Isaiah 40:31—“But they who wait upon the Lord shall renew their strength; they shall mount up with wings as eagles.”
Just as an eagle learns to fly and accomplish what it was created to do, so God has a plan and a purpose for every person—a plan of salvation and victorious living. But, like Peter did at times, we all struggle between faith and unbelief to find and fulfill our destinies. Consider the following:
- Peter was reluctant to let down his net when Jesus told him to, but, at the word of Jesus, he did let it down and caught a large number of fish. When Jesus told Peter that if he would follow Him and make him a fisher of men, Peter left everything and followed.
- When Jesus came to His disciples in a storm by walking on the water, Peter asked Jesus to tell him to come to Him. When He did, Peter walked on the water until he took his eyes off of Jesus and began to sink. At his cry, Jesus lifted Peter back up and they walked on the water back to the boat.
- By revelation, Peter declared Jesus to be the Christ, the Son of the living God, but when he later rebuked Jesus for saying He must die, Jesus indicated that what Peter was saying was not of God, but from Satan (Matt. 16:13-23).
- Peter, James, and John were allowed to see Jesus transfigured, but God rebuked Peter for equating Jesus with Enoch and Elijah when he suggested building three tabernacles for them (Mark 9:4-7).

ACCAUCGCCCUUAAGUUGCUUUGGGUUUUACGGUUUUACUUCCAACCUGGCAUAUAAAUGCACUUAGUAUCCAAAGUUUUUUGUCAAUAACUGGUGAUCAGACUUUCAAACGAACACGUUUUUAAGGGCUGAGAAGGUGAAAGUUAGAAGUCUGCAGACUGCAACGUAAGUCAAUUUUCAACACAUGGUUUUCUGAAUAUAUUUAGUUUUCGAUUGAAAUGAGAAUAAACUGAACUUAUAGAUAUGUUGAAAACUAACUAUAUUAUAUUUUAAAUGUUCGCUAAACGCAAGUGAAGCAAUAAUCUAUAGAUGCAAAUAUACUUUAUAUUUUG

- Jesus rebuked Peter for trying to fight and defend Him in the garden of Gethsemane (Matt. 26:50-54)
- Peter said he would die for Jesus because he loved Him more than the other disciples (Matt. 26:35), but denied Him three times to save his own life (Luke 22:54-62).
- In his doubt, fear, and confusion Peter thought his ministry was over, so he went back to fishing (Jn. 21:3). But the Lord was not through with him and because he was repentant He restored Peter (Jn. 21:15-17).
The greatest fulfillment of God’s purpose for Peter’s life and the lives of all believers will be the rapture when they will be caught up to meet the Lord in the air (I Thess. 4:17).
To help illustrate my point, consider the following poem titled “Born To Fly”:
Certainly God has a tremendous life and future prepared for every person (I Cor. 2:9-10), but how many are taking advantage of these things?
I was hatched as an eaglet in a big soft nest, and all I had to do was eat and rest.
My only thought was how much I could eat, and how much food from others I could beat.
We kept our parents busy, food for us to bring, and if they were slow, our cries would ring.
Even then, as I saw them soar in the sky, something inside me said, You were born to fly!
Then father did something that made me groan. He tore up what had been my comfort zone.
He scattered the nest and exposed some thorns that were so long and sharp my flesh was torn.
So, to the edge of the nest I had to cling and allow the wind to blow through my wings.
There had to be more. I was not satisfied ’cause my heart told me I was born to fly.
Suddenly, I got another real big surprise; He put me on his wing and up we did rise.
At first I was scared but then what a joy, for to ride the wind was better than any toy.
But suddenly he dropped me from his wing. I tumbled and fell, not able to do anything.
I thought for sure I was going to die, so I wanted no more of being born to fly.
Just before the ground I was going to hit, big wings swooped down so on them I could sit.
But he took me again way up in the sky, and while others laughed, I could only cry.
Finally, one time, as from his wing I dropped, the wind was a friend and the tumbling stopped.
I flew through the air with a loud victory cry: This is my destiny, for I was born to fly.
Even though everyone is born to fly, how many are actually flying, or fulfilling the potential that God has made available to believers?